Add to that a chronic under-funding of the courts and announced budget cuts to Community Legal Centres, who often represent women and children involved in the family law justice system, and you have the perfect storm: inadequate jurisdictional cooperation, inconsistent law and reduced government spending.

I can only give our efforts in this area a fail.

We are failing women who are victims of domestic violence and we are failing child victims of both physical and sexual abuse. And this failure is occuring just when the full extent of our shameful and culpable past, particularly that of institutions who had care of our children, is being excruciatingly exposed by commissions across the country.

Through the evidence from current royal commissions we are re-living the past, but we must simultaneously understand that the abuse is not locked in history. It is happening now. And while it is essential for victims of the past to receive redress, it is critically important to prevent what is happening today. Let’s not make the mistake of thinking we have only a historical problem here.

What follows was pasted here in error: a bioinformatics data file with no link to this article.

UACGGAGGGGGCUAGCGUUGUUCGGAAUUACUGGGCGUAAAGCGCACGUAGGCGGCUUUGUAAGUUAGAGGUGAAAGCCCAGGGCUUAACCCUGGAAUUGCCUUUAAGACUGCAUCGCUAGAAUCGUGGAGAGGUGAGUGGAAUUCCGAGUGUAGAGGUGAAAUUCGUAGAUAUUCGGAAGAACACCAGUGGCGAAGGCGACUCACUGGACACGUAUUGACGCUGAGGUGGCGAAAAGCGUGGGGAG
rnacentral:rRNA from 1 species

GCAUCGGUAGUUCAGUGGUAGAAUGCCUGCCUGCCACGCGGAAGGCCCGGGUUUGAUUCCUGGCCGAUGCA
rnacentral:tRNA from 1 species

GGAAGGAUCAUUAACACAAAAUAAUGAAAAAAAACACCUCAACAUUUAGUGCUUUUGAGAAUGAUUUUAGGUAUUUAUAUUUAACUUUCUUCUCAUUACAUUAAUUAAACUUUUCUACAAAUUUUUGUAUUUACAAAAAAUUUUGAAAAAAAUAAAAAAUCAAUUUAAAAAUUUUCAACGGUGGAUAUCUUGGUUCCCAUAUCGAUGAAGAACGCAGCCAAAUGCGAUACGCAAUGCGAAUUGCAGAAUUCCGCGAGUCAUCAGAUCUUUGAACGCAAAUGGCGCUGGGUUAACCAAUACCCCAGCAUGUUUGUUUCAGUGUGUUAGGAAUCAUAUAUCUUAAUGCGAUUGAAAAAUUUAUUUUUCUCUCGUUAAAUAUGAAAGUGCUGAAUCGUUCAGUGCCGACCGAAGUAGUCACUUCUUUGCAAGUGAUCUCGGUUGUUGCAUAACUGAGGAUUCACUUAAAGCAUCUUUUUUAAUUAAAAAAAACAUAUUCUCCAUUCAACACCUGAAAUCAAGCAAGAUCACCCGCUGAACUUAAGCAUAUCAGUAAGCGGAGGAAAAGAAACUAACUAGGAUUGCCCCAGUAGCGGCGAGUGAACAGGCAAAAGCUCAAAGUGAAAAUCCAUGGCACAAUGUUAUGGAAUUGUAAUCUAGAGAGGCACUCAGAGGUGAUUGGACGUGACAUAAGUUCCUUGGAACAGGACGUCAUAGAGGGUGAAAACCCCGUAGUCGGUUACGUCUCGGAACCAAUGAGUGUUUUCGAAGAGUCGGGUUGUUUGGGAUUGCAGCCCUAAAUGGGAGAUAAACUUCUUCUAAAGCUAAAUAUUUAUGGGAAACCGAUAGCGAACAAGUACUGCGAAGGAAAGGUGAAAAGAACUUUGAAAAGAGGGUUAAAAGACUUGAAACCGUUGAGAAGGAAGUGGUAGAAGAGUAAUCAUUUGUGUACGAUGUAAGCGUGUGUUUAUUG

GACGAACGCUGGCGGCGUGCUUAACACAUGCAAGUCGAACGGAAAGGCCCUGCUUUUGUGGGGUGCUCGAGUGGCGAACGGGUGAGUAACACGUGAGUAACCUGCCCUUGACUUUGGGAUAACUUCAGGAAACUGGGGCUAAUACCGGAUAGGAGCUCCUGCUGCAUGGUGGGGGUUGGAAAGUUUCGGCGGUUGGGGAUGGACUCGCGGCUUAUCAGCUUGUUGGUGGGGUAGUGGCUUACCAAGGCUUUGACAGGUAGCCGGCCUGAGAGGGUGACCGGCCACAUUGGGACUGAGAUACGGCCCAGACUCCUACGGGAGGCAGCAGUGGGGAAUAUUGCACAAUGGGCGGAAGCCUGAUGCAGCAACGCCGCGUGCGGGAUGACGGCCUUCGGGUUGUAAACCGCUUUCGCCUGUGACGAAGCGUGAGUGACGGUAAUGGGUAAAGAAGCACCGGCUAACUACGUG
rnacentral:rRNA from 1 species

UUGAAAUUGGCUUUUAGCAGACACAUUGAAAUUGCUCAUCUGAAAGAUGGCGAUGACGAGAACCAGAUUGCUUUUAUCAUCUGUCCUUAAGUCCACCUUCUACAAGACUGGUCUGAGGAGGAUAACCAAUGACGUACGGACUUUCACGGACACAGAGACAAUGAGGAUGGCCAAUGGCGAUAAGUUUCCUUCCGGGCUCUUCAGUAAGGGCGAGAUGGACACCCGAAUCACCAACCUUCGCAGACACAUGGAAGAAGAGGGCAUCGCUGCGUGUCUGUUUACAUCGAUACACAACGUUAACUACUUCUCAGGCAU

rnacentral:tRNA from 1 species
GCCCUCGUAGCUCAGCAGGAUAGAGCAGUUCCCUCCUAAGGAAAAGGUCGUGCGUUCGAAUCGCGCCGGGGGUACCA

Judges, lawyers and legal academics have witnessed a flailing approach by all governments to this area of law which touches the most vulnerable members of society.

With elder abuse we are grappling with a similar problem. Once again, in our federal model, if one is to execute a power of attorney there is no national register. To execute a power of attorney is to donate to another person the legal right to be you without you being present. Depending on the nature of the donation, the done attorney may access bank accounts and even sell real estate. The risk of abuse for the elderly is obvious, but we have not, as a federation, got around to dealing with these challenges in a centralised way.